◇ Words: Helena Cox ◇
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The Royal Collection’s latest exhibition ‘Russia, Royalty and the Romanovs’, at the Queen’s Gallery in Buckingham Palace, explores the artistic cultural exchanges, and dynastic connections between the Romanov dynasty and the British royal family. Arguably what are most compelling, are the decorative arts on display by the esteemed Russian jeweller Peter Carl Fabergé, providing a scintillating artistic tale rich in imperial history before the revolution.
Fabergé became the mastermind and originator of the objet de fantaisie, beautifully designed whimsical objects that united the traditional objet d’art, and modern functionality, with the Fabergé style, which delighted the royal families in Europe. During the 1880s the Fabergé name soon became synonymous with Russia, and diplomats and members of royal delegations who travelled to Russia would bring back Fabergé objets de vertu as Russian souvenirs.
Taking over from his father’s jewellery firm in 1882, Carl Fabergé first impressed Tsar Alexander III with his creation of a replica forth century BC gold bangle from the Scythian Treasure in the Hermitage Museum; the Tsar was spellbound by Fabergé’s craftsmanship and ability to replicate to perfection, and in 1885, Fabergé was appointed court jeweller. The first Easter egg was commissioned by the Tsar in 1885 as a present for his wife Empress Maria Feodorovna. The tradition of an Easter egg opening to reveal a surprise continued, and Fabergé was given complete artistic freedom in his designs. Deemed by Kenneth Snowman as a ‘cultural sponge’ Fabergé’s designs were eclectic and diverse, from Neoclassical to Baroque opulence, he covered it all. At least ten eggs were made during the reign of Alexander III, and his son Nicholas II continued the tradition, with 46 eggs commissioned.
The tradition and symbolism of eggs in Western Europe has origins in French, Danish and Austrian decorative art from the 18th century. The exchanging of eggs was also popular in Russia in celebration of Easter, traditionally considered as the most important feast day in the Orthodox Church. Eggs of a variety of materials from porcelain to papier mâché would be exchanged as gifts.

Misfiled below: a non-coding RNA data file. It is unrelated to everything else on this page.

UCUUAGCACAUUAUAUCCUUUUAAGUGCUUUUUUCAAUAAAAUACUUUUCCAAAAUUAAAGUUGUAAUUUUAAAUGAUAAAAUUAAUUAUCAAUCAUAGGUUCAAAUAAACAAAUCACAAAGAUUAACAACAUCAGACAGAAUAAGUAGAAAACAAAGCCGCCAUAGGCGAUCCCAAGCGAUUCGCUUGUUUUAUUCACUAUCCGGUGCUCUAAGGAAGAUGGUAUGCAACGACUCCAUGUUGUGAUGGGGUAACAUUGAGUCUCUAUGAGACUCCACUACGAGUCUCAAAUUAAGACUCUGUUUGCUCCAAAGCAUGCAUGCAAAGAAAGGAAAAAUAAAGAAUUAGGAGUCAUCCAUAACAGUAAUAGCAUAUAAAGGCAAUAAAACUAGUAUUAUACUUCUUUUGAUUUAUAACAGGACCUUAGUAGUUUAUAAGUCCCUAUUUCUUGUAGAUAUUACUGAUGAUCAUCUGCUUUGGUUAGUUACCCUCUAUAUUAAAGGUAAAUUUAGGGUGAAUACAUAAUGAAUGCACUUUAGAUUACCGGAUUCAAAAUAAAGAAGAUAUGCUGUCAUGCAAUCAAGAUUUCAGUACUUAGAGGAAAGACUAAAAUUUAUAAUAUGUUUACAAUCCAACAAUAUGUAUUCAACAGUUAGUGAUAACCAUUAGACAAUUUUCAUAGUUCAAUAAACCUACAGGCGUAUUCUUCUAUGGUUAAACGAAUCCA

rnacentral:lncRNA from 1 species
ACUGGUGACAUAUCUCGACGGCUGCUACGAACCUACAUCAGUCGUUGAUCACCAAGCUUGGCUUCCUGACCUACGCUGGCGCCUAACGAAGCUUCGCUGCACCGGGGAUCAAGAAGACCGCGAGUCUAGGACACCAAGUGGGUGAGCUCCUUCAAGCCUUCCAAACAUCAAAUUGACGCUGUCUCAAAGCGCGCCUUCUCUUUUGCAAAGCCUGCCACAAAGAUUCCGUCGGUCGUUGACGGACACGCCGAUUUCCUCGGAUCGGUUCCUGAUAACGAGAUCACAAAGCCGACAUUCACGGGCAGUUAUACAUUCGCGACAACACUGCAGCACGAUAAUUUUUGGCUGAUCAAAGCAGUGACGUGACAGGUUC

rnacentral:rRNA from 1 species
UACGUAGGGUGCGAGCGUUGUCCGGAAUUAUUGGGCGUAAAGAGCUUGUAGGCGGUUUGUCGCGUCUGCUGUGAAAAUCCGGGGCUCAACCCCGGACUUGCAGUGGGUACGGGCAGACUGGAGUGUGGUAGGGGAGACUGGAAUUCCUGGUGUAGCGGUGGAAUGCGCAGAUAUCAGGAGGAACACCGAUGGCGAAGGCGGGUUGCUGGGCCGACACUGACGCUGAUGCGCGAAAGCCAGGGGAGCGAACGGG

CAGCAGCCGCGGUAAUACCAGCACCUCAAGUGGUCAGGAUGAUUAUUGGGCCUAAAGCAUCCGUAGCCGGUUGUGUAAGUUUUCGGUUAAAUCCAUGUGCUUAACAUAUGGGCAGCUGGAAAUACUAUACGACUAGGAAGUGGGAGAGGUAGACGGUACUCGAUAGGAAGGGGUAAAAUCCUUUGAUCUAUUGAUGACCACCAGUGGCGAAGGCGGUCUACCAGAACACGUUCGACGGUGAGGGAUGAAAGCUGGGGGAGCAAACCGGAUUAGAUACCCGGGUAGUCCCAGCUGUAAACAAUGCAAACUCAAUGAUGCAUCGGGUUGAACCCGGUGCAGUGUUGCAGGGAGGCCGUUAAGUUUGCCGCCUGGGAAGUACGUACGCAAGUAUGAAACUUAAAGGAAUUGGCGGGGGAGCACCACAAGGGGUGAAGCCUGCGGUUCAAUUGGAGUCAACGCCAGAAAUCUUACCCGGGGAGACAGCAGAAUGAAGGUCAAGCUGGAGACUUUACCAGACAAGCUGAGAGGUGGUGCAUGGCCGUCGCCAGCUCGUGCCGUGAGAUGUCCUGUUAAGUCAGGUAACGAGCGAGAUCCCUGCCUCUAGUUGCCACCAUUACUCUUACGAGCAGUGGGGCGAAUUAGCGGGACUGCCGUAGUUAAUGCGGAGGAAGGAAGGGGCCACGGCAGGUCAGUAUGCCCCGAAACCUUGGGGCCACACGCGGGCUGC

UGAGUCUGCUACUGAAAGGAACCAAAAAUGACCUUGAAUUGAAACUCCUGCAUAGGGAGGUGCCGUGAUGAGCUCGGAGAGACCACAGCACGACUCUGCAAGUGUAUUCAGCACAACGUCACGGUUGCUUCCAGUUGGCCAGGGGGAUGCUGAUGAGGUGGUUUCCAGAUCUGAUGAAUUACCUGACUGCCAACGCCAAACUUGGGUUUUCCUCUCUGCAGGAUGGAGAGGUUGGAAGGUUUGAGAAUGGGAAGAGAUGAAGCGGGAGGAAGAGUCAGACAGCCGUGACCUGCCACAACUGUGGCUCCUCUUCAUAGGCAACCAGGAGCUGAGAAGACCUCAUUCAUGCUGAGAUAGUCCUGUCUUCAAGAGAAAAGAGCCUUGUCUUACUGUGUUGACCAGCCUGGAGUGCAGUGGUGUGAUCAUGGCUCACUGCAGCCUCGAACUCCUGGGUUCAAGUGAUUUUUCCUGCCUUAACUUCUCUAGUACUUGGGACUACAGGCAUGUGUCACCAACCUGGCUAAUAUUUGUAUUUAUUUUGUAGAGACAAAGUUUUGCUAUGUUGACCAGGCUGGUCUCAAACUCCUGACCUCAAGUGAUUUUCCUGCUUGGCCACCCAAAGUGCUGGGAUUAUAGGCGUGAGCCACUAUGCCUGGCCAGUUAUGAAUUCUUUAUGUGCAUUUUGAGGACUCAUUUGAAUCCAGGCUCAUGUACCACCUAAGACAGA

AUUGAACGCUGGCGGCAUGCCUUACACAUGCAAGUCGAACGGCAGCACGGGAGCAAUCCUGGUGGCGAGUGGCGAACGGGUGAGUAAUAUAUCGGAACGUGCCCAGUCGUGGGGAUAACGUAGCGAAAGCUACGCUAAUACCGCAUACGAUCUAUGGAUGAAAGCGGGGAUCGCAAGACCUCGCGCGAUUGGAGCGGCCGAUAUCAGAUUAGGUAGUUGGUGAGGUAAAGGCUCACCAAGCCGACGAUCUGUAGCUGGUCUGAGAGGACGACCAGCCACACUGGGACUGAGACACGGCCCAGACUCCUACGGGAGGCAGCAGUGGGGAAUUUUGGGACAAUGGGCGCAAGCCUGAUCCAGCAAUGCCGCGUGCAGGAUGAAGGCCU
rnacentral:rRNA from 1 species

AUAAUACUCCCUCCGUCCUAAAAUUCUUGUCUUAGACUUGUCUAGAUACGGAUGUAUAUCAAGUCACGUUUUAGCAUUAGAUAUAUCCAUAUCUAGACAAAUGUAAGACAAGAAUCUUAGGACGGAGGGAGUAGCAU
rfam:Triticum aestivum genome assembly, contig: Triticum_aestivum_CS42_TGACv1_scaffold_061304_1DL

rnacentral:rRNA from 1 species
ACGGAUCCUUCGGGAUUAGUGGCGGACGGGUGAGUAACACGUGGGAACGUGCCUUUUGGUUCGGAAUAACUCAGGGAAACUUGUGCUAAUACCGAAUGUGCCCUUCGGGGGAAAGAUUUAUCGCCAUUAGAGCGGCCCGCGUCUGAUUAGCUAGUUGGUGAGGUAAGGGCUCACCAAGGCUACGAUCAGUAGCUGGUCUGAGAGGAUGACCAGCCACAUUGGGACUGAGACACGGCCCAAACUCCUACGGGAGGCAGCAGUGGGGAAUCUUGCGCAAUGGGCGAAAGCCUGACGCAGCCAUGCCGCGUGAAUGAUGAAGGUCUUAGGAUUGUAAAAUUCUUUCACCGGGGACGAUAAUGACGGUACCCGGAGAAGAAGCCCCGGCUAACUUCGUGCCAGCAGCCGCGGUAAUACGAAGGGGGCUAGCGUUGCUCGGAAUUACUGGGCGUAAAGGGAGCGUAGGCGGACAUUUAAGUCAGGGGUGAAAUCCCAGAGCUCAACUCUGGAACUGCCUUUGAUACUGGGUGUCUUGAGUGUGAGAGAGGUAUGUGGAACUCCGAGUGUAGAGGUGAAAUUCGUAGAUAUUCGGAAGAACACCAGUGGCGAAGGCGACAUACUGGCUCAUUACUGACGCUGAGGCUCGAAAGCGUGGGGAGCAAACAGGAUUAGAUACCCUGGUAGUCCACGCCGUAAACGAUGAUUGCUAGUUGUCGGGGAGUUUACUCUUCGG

Fabergé transformed the Easter egg into a visionary, theatrical, dialectical tour de force. There is something almost magical about these spellbinding creations that appear alchemical to the eye.
The mosaic Egg brings to the fore Fabergé’s inventive genius. Created with a platinum exterior exhibiting a dazzling tessellation of diamonds, emeralds, sapphires, rubies, topazes, garnets and quartzes, the mosaic egg delights in overt materiality. The oval panels imitate the embroidery technique of petit point, framed with white enamel and pearl encrusted borders. The Egg opens to reveal the surprise- an ivory oval medallion painted with the profile portraits of the five children of Tsar Nicholas II and Tsarina Alexandra in camaïeu brun, surmounted by the Imperial crown; the other side depicts a basket of flowers and their names. The Tsarina’s monogram ‘AF’ and 1914 are beneath the moonstone at the egg’s aperture. Commissioned by Nicholas II, the Tsar presented the egg to his wife in 1914 for Easter. The Mosaic Egg is a charming tribute to their five children and was created by Albert Holmström (1876-1925), and designed by his niece Alma Theresia Pihl (1888-1976) who was also the daughter of Fabergé workmaster Oscar Pihl. Pihl became one of the most famous female workmasters employed by Fabergé, and she was also responsible for the 1913 Imperial Winter Egg. She came to the attention of her male colleagues, and her family members with her elegant sketches, which she made for the firm’s archives between 1909-1910. In 1911 she was allowed to submit her own designs. With her visionary and practical approach, Pihl would also calculate the logistics of production from budgets, to what precious stones and gems would be utilised. Pihl’s brooch design of a needlepoint rose, drawn in 1913, became the source for her Mosaic Egg design, which was also inspired from watching her mother-in-law embroidering by the fire.
After the revolution and subsequent execution of the Romanov family by the Bolshevik’s in 1918; fifteen years later the Mosaic Egg ended up in the British royal collection when King George V and Queen Mary acquired it for £250 in London.
The Mosaic Egg remains a symbol of artistic beauty, an artistic vestige from an Imperial Russia about to disappear forever.